Last year one of my friends rebuilt a motor for Michael, a new 260Z owner. Michael got the engine back in, and my friend tuned the engine.
Fast forward to January of this year. Tim, Michael’s father, posted on Facebook that the car was running fine for a while, but after warming it up, it wouldn’t run. In answering a question to his post, Tim said there wasn’t power at the coil.
I sent a message to Tim to arrange to come over and do diagnostics. I suggested a couple of likely culprits and how to resolve issues with them. Tim talked with my friend who built the engine. My friend told Tim that it was unlikely to be mechanical, and it would be better to have me look at it. With the long weekend coming up and unseasonably warm temperatures, it seemed like a great opportunity to figure out what was wrong.
I packed plenty of testing and tuning tools into the car in an effort to leave no stone unturned and drove over to meet up with Michael. We dragged the tools and factory service manual (FSM) to Michael’s 260Z and set to work. The first thing was to check the battery voltage. It was 12.46VDC. That is on the low side. It worried me that it could be a factor. We put the key in the ON position, and Michael tried to check the voltage at positive terminal of the coil, but he couldn’t get a good reading. Unsure of what the voltage was at the coil, we tried to start the car. The engine turned over just fine, but there was no spark.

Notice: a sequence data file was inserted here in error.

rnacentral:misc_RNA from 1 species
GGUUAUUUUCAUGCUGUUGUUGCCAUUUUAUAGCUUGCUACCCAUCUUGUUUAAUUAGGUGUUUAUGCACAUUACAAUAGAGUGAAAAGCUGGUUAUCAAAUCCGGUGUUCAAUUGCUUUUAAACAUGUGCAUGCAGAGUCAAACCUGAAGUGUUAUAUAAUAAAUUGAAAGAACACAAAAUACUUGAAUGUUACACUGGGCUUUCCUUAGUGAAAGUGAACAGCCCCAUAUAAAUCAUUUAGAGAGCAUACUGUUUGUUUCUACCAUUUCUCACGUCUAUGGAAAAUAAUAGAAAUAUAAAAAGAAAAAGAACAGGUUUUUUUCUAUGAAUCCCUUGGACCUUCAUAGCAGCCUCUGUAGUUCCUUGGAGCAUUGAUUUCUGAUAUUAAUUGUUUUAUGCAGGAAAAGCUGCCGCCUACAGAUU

When I looked at the ballast resistor, I could tell at a glance that it was not the resistor for a 260Z. The stock ballast resistor for the 260Z and 280Z has three terminals while the 240Z ballast resistor has only two terminals. Unfortunately I didn’t do much besides glance at it. (Keep that in mind.) I showed Michael the wiring diagram in the FSM and gave him a quick tutorial on how to read it. I was focusing on the wiring between the ballast resistor and coil. That was when I noticed the second issue.
Ignition coils have polarity. He had the ballast wired to the negative terminal on the coil, and the positive terminal was wired to the condenser and distributor negative. This in of itself won’t cause a non-start, but it does weaken the spark. I showed Michael how to check the coil by using the resistance of the wires in the coil. The ratio of the resistance between the secondary (high voltage) side of the coil and the primary (12VDC) side of the coil should be about 1000:1 or more. The coil in the car was less than that. Michael got another coil, and we check it. The ratio was better, so we installed that one in the car. We also inspected the distributor cap and rotor looking for damage or excessive wear. Both were in good condition. One thing that did concern me was that the wire for the #1 cylinder seemed to be rotated too far counterclockwise, especially compared to my car. I sent a photo of the distributor to my friend who rebuilt and set the timing of the motor. He confirmed that it was where he set it, and I confirmed the distributor was still locked down tight.